January 2, 2012 by DJ Elroy
I decided not to go party on NYE, largely because most of the shows had flyers like this. And like every year, by the time the drunken clubbers realize they don’t actually know the words to Auld Lang Syne, the temperature will have dropped into the single digits and the only warmth will be found in strong drink and a room full of sweaty bodies.
And that just didn’t sound fun this time around. Maybe I’m just getting old. Or jaded.
So how has 2011 treated electronic dance music in the US? Overall, I’d say it’s been a big year. But does big always mean good? The “scene” is finally getting recognition by the mainstream pop culture. Everyone from MTV to SPIN magazine to USAToday has jumped on the bandwagon, touting how amazing electronic music in general (and dubstep in particular) is. Where did this new sound come from, they asked?
But is this really what we as a counter-culture want to be known for? Is it healthy? Or is this just something natural in the cycle of music — something that can’t be stopped and must be endured — before we can come full circle?
I’m reading SPIN’s feature about the “New Underground” hip-hop culture (Dec 2011 issue), and I’m wondering if dance music will be run thru the ringer like hip-hop before it finally goes back underground itself. I want to say “gets back to its roots”, but that’s not really accurate. There is no going back, only forward. So much has changed from the days of mixtapes, turtables, and warehouse parties. No, it will never go back to “how it was”, not only because of the new technology, but also because of things like new music, new trends, new fashions, new laws, and a new corporate interest in the lifestyle. And a new generation of clubbers.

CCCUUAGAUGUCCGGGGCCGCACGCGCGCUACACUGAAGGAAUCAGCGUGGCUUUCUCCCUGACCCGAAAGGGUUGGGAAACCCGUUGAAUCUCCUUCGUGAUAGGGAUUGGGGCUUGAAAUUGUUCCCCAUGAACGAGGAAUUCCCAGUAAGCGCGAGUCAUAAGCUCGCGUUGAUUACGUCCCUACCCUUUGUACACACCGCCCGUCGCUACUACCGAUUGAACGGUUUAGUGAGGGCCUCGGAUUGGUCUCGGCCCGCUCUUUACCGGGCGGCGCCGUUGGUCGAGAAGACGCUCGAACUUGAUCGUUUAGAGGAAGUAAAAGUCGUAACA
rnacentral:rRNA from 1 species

After all, hip-hop culture spawned from the urban lifesytle and the four elemenets. It took MTV to bring it to the masses, but once it broke, it was everywhere. It came to dominate the pop culture, TV, radio, movies, games, clothes, cars, clubs, and seemingly everything else it touched. Then it became diluted, over-produced, and manufactured. The original artists were pushed out by a new generation that seemed more interested in fame and fortune, with test-group music, pop hooks, and cookie-cutter beats from the usual suspects. It was taken from the streets to the board rooms.
Can the same be said about electronic dance music?
Now it seems some pioneering hip-hop artists are taking it back underground.
It’s not a concious decision in most cases. It’s simply the way the music industry has changed. Artists don’t need the backing of the big labels anymore, and while having big label support might mean a bigger buzz and access to the popular flavors of the day for guest work and collabs, it doesn’t do much for street cred anymore. All todays acts need is a DIY attitude, social media, and the internet.
And of course, you’ve got to have a great product. Good just doesn’t cut it anymore.
So how far along this curve is EDM? There are still plenty of amazing DJs and producers, but the public seems to only be interested in those that have succeeded financially.
So are we stumbling down this same path? We started out as an “underground” culture (and in some places still are). We’ve had some commercial success and have broken out into pop scene with TV spots, commercials, awards shows, nominations, etc. The bigger artists are now being picked up by the Major Labels. But will there be a backlash? Or a diluting of the music? Will we go back underground? And how bad does it have to get first?
Keep it real. But is this the “real” we want?